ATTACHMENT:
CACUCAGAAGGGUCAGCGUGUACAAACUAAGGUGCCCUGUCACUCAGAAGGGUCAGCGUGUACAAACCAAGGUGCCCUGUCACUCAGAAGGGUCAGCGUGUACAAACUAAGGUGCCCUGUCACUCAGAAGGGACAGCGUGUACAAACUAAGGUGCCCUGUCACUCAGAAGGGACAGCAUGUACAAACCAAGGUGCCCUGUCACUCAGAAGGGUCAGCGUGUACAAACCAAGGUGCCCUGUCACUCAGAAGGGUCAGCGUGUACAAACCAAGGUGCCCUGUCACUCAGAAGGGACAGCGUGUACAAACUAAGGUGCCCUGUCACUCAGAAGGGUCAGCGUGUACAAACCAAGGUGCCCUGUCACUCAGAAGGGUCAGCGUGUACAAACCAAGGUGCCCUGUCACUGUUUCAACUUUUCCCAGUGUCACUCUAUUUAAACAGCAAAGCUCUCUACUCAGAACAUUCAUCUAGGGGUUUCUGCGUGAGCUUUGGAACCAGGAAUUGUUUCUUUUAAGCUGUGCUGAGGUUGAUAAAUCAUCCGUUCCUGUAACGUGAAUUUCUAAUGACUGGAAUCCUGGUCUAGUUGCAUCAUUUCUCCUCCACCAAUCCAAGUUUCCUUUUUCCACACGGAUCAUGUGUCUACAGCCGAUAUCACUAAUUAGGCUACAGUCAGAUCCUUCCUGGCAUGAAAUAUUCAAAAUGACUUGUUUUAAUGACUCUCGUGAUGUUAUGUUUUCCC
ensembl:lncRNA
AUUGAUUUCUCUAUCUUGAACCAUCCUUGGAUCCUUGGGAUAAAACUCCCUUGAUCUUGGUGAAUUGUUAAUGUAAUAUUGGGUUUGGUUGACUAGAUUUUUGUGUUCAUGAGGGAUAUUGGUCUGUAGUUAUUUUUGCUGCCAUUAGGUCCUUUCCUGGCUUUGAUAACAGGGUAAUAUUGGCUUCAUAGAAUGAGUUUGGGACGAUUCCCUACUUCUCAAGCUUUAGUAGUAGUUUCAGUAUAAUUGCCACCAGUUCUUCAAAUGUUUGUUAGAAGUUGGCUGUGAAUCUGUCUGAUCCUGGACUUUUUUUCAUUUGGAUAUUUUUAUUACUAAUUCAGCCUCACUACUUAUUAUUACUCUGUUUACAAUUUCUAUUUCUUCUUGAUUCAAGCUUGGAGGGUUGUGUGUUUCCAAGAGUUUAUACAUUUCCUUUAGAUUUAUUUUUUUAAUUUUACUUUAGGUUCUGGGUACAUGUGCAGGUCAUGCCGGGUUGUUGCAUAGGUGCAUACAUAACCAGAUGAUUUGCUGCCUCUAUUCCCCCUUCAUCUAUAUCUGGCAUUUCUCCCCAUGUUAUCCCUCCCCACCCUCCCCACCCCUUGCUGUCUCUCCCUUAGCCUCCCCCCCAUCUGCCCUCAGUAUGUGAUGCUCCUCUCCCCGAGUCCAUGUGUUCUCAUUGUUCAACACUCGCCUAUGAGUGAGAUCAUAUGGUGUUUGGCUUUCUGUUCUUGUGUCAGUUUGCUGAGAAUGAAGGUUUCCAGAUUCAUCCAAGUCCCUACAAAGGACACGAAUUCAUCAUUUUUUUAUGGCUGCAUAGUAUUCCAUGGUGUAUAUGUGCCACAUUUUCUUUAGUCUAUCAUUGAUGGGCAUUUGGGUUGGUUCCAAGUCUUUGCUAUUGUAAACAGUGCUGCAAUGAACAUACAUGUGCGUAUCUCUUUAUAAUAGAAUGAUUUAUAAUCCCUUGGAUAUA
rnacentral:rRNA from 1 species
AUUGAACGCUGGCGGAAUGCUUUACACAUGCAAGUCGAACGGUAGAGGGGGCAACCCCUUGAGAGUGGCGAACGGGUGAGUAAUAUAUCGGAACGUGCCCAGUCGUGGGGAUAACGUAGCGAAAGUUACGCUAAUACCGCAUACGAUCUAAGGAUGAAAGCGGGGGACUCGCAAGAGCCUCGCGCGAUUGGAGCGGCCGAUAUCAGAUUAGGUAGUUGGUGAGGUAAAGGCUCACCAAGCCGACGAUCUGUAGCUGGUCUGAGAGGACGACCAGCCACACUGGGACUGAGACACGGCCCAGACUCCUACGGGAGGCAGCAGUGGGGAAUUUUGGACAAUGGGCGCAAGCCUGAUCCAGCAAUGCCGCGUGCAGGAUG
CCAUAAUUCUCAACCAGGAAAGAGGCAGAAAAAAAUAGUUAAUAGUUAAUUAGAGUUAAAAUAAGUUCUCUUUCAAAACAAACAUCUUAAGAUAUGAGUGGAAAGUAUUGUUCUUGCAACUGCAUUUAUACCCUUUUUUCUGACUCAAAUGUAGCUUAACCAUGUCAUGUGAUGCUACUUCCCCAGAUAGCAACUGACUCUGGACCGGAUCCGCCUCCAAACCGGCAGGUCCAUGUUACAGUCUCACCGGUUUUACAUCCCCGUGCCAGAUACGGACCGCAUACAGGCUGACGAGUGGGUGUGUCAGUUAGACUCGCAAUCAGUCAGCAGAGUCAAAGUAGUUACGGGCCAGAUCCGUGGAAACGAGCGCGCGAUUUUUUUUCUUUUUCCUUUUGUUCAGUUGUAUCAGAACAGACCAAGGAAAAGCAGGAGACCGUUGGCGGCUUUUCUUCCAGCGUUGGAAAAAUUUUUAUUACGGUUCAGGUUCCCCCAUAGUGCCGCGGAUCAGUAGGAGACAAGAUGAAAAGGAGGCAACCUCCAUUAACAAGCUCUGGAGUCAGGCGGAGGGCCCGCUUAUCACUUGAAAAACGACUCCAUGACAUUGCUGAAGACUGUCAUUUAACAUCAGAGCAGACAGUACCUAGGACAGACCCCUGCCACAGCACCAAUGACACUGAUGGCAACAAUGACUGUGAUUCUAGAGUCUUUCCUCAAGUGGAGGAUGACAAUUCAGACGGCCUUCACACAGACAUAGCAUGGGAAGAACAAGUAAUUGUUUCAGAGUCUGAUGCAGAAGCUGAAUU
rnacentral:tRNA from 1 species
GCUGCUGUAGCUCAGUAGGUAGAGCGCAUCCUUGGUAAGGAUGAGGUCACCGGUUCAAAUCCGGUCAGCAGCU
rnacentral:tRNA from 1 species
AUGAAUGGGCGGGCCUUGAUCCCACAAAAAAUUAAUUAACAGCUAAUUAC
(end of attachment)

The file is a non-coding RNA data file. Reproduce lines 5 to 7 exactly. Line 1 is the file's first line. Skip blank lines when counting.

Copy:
AUUGAACGCUGGCGGAAUGCUUUACACAUGCAAGUCGAACGGUAGAGGGGGCAACCCCUUGAGAGUGGCGAACGGGUGAGUAAUAUAUCGGAACGUGCCCAGUCGUGGGGAUAACGUAGCGAAAGUUACGCUAAUACCGCAUACGAUCUAAGGAUGAAAGCGGGGGACUCGCAAGAGCCUCGCGCGAUUGGAGCGGCCGAUAUCAGAUUAGGUAGUUGGUGAGGUAAAGGCUCACCAAGCCGACGAUCUGUAGCUGGUCUGAGAGGACGACCAGCCACACUGGGACUGAGACACGGCCCAGACUCCUACGGGAGGCAGCAGUGGGGAAUUUUGGACAAUGGGCGCAAGCCUGAUCCAGCAAUGCCGCGUGCAGGAUG
CCAUAAUUCUCAACCAGGAAAGAGGCAGAAAAAAAUAGUUAAUAGUUAAUUAGAGUUAAAAUAAGUUCUCUUUCAAAACAAACAUCUUAAGAUAUGAGUGGAAAGUAUUGUUCUUGCAACUGCAUUUAUACCCUUUUUUCUGACUCAAAUGUAGCUUAACCAUGUCAUGUGAUGCUACUUCCCCAGAUAGCAACUGACUCUGGACCGGAUCCGCCUCCAAACCGGCAGGUCCAUGUUACAGUCUCACCGGUUUUACAUCCCCGUGCCAGAUACGGACCGCAUACAGGCUGACGAGUGGGUGUGUCAGUUAGACUCGCAAUCAGUCAGCAGAGUCAAAGUAGUUACGGGCCAGAUCCGUGGAAACGAGCGCGCGAUUUUUUUUCUUUUUCCUUUUGUUCAGUUGUAUCAGAACAGACCAAGGAAAAGCAGGAGACCGUUGGCGGCUUUUCUUCCAGCGUUGGAAAAAUUUUUAUUACGGUUCAGGUUCCCCCAUAGUGCCGCGGAUCAGUAGGAGACAAGAUGAAAAGGAGGCAACCUCCAUUAACAAGCUCUGGAGUCAGGCGGAGGGCCCGCUUAUCACUUGAAAAACGACUCCAUGACAUUGCUGAAGACUGUCAUUUAACAUCAGAGCAGACAGUACCUAGGACAGACCCCUGCCACAGCACCAAUGACACUGAUGGCAACAAUGACUGUGAUUCUAGAGUCUUUCCUCAAGUGGAGGAUGACAAUUCAGACGGCCUUCACACAGACAUAGCAUGGGAAGAACAAGUAAUUGUUUCAGAGUCUGAUGCAGAAGCUGAAUU
rnacentral:tRNA from 1 species